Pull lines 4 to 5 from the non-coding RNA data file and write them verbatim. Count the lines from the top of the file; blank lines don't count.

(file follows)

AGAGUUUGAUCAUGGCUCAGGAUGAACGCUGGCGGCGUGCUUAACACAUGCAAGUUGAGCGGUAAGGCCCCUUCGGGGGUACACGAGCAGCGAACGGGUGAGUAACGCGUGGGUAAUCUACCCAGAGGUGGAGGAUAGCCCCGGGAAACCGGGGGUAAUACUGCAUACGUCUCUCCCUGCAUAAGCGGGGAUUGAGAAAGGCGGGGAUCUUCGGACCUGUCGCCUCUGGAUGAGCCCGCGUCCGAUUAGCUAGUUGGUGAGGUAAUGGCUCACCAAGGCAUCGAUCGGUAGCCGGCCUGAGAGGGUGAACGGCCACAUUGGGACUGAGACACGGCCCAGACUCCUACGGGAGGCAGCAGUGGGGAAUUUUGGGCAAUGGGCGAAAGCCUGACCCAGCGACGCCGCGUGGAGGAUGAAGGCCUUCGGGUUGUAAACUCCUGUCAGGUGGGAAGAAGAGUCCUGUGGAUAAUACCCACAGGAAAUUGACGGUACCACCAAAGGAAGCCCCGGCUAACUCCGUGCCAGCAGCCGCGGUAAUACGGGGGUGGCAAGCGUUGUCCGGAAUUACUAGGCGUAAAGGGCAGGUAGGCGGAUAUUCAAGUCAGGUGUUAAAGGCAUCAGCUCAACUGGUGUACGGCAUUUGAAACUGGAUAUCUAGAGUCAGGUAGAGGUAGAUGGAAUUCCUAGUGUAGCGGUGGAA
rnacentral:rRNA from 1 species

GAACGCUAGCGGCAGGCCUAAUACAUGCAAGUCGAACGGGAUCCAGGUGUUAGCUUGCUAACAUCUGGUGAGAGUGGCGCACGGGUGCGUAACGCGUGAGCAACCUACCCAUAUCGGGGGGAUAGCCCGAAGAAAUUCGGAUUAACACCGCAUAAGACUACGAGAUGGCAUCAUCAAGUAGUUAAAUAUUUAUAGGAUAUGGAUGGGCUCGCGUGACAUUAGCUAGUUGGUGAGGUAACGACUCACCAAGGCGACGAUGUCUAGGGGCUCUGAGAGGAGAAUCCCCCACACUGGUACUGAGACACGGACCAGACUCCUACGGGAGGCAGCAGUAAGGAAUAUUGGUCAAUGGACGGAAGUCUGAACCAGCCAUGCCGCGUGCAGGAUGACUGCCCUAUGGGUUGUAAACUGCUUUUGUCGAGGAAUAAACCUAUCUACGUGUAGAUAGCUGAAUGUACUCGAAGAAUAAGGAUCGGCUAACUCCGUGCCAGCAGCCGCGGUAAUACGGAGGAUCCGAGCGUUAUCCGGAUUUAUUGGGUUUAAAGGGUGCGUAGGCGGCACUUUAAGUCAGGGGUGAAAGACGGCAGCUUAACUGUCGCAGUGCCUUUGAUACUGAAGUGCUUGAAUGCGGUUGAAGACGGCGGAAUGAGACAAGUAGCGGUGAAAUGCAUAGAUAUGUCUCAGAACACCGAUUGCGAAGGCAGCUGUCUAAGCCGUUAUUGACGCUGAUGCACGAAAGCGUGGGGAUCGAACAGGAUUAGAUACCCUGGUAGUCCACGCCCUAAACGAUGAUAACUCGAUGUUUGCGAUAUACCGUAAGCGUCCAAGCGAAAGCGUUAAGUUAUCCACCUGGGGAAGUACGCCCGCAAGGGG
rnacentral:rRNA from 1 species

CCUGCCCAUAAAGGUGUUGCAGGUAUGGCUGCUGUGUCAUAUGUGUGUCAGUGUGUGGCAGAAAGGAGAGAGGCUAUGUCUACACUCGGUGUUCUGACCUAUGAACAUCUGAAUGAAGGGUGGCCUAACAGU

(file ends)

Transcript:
rnacentral:rRNA from 1 species

CCUGCCCAUAAAGGUGUUGCAGGUAUGGCUGCUGUGUCAUAUGUGUGUCAGUGUGUGGCAGAAAGGAGAGAGGCUAUGUCUACACUCGGUGUUCUGACCUAUGAACAUCUGAAUGAAGGGUGGCCUAACAGU